Now that the first COVID-19 vaccines are being delivered and administered and a second vaccine is close behind, employers are asking whether they can require that employees be vaccinated.  In September,  Dan Ballintine and I recorded a podcast on mandatory vaccines. On December 16, 2020, the EEOC issued guidance on the ADA and vaccines.  Although this guidance does not change the information that Dan and I provided in our podcast, I thought it would be helpful to highlight a few points the EEOC makes.  The EEOC addressed vaccinations in the publication “What You Should Know About COVID-19 and the ADA, the Rehabilitation Act and Other EEO Laws.”  Below you will find several highlights of the EEOC’s guidance.

Question:  Is asking or requiring an employee to show proof of receipt of a COVID-19 vaccination permissible under the ADA?

Answer:  The general rule is that employers are not allowed to ask about an employee’s medical condition unless it is job-related and consistent with business necessity.  In its December 16 guidance, the EEOC said that asking or requiring an employee to show proof of receipt of a COVID-19 vaccination is not a disability-related inquiry and therefore it is a permissible question.

Question:  If an employer requires vaccination when they are available, how should it respond to an employee who indicates that he or she is unable to receive a COVID-19 vaccination because of a medical condition?

Answer:  Employers have the right to have qualification standards that include a requirement that an individual does not pose a direct threat to the health or safety of individuals in the workplace.  If a COVID-19 vaccination is required, the employer must show that an unvaccinated employee would pose a direct threat due to a significant risk of substantial harm to the health or safety of the individual or others that cannot be eliminated or reduced by reasonable accommodation. Therefore, employers dealing with an employee who refuses to take the COVID vaccine should conduct an individualized assessment of four factors in determining whether a direct threat exists:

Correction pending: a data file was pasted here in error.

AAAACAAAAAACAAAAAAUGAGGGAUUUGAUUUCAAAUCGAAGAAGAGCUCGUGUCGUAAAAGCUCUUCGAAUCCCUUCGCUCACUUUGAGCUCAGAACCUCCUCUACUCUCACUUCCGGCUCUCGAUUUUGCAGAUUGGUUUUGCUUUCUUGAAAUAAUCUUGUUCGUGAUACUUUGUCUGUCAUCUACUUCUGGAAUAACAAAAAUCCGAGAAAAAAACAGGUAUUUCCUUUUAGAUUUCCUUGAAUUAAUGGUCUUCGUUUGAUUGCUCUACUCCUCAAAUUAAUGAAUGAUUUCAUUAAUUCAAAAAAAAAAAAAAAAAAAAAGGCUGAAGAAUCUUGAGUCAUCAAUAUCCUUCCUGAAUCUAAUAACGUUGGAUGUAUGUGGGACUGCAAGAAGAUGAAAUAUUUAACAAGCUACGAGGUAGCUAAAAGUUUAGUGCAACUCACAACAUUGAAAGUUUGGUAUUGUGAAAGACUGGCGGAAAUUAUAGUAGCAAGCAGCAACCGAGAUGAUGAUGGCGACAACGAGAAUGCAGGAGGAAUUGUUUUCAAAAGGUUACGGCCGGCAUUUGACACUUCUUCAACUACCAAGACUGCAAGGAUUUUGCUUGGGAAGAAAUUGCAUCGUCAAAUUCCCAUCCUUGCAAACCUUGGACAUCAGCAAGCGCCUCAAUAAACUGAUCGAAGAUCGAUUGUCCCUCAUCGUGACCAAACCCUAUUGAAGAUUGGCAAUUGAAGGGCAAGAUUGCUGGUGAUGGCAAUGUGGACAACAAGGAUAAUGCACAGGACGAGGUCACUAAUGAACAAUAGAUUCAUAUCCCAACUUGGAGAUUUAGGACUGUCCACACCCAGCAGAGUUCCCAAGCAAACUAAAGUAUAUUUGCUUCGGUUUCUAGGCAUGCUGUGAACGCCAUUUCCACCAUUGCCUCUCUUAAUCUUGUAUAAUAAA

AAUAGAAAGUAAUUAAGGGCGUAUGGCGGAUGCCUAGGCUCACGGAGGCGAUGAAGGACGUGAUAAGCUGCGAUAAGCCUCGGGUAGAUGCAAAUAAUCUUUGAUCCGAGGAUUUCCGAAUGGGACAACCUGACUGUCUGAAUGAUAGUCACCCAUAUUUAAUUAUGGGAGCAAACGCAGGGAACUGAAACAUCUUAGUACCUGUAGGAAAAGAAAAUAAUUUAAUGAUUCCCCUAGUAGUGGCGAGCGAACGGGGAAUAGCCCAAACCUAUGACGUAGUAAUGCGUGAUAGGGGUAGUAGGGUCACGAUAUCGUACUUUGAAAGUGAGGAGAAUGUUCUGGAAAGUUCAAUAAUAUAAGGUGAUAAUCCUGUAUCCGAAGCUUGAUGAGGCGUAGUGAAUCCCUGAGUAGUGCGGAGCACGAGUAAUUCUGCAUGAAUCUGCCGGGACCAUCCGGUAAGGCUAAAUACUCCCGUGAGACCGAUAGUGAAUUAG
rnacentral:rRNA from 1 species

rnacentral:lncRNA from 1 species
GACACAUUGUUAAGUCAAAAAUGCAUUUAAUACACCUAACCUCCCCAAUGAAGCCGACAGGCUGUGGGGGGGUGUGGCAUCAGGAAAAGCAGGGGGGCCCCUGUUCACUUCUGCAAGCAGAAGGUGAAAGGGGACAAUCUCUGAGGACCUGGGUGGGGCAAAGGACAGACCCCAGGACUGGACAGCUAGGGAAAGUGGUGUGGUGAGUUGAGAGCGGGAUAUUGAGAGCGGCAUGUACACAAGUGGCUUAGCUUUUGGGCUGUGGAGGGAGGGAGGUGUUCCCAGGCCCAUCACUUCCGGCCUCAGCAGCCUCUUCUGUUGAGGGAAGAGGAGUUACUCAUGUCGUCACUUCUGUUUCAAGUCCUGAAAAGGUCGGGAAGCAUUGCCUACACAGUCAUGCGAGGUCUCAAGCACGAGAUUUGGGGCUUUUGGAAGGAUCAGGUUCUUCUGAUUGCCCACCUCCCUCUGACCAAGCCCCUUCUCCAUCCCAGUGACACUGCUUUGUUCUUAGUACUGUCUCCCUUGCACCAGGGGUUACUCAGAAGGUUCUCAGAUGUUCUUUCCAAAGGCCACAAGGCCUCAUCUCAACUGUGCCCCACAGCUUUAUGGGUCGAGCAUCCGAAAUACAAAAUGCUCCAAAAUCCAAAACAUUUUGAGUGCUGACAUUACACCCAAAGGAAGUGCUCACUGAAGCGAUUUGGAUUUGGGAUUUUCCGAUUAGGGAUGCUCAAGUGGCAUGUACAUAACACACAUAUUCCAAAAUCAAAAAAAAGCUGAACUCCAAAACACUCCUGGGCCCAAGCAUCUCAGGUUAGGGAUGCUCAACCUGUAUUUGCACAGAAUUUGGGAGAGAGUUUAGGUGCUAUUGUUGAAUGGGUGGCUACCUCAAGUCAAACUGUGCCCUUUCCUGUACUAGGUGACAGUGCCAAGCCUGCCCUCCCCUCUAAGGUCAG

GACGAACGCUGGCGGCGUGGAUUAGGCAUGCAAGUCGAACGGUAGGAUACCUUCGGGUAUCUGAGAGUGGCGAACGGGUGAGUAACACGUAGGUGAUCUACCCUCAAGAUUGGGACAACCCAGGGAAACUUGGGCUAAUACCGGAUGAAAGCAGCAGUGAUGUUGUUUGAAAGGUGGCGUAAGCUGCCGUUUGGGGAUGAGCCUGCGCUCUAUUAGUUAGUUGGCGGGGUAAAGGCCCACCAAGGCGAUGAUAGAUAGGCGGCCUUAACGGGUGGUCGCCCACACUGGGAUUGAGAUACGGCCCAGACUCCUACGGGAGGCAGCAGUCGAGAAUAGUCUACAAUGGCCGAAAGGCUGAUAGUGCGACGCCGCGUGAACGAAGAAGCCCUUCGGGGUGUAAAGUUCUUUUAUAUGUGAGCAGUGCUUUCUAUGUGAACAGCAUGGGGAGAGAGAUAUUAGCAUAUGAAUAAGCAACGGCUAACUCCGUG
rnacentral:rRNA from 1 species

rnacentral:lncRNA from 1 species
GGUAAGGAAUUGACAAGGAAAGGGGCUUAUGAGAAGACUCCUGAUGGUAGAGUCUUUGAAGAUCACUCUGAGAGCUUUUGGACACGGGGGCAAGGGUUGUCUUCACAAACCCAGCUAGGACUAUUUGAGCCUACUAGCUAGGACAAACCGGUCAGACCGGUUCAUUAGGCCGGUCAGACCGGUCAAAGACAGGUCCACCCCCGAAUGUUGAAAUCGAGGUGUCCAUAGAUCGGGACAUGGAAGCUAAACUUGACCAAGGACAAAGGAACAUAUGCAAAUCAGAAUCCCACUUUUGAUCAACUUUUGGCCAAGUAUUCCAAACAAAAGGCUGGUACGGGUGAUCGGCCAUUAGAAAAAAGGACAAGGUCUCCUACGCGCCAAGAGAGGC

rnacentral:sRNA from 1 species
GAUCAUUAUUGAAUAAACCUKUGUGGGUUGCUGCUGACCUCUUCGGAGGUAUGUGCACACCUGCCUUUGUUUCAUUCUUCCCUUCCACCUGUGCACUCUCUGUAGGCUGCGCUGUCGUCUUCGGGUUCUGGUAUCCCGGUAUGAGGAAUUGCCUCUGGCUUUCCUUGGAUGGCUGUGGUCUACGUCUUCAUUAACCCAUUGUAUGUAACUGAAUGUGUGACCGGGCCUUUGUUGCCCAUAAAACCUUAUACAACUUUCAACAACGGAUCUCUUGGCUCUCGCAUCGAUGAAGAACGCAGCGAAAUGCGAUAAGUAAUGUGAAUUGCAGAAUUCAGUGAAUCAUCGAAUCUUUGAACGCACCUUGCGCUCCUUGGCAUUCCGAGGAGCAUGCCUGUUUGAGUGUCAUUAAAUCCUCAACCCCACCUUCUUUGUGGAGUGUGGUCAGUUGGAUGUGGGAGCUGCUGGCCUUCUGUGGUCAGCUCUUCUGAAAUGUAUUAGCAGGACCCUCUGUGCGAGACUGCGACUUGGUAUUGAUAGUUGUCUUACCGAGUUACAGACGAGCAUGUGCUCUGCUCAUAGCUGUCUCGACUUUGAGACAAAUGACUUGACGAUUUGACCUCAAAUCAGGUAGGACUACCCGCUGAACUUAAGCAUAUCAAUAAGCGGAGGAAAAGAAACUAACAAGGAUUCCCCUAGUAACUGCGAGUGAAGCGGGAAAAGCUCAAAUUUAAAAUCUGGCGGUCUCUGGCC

• The duration of the risk
  • The nature and severity of the potential harm
  • The likelihood that the potential harm will occur
  • The imminence of the potential harm

A conclusion that the employee poses a direct threat would include a determination that an unvaccinated individual will expose others to the virus at the work site.  The EEOC guidance is clear that if an employer determines that an individual who cannot be vaccinated due to a medical condition poses a direct threat at the work site, the employer cannot exclude the employee from the workplace without undergoing the interactive process to determine if there is a reasonable accommodation that would eliminate or reduce this risk. If the employee poses a direct threat that cannot be reduced to an acceptable level, the employer can exclude the employee from entering the workplace.  This does not necessarily mean the employer may automatically terminate the employee.  Employers will need to determine if there are any other EEO laws that may be implicated.

Question:  How should an employer respond to an employee who indicates that he or she is unable to receive a COVID-19 vaccination because of a sincerely held religious practice or belief?

Answer:  Once an employer is on notice that an employee’s sincerely held belief, practice or observance prevents the employee from receiving the vaccination, the employer must provide a reasonable accommodation for the religious belief, practice or observance unless it would pose an undue hardship.  “Undue hardship” with respect to a sincerely held religious practice or belief is far different from undue hardship under the ADA.  Under Title VII, undue hardship means that the accommodation creates more than a minimal cost or burden on the employer.  If an employee requests a religious accommodation and an employer has an objective basis for questioning either the religious nature or the sincerity of a particular belief, practice or observance, the employer would be justified in requesting additional supporting information.  Assuming the employee has a sincerely held religious practice or belief, and there is no reasonable accommodation available, the employee can be excluded from the workplace.


Once there is sufficient COVID-19 vaccine available, employers can require that employees provide evidence of COVID-19 vaccination before they can enter the workplace.  The specific evidence an employer can require to demonstrate that the employee has been vaccinated is unclear at this time.  If an employee says that he or she cannot be vaccinated because of a sincerely held religious belief or practice or because of a disability, the employer will have to engage in the interactive process and decide if there are any reasonable accommodations that can be made to allow that employee to work.  Before terminating an employee for failing to be vaccinated, an employer should contact an attorney to ensure that there are no other laws that may be implicated.

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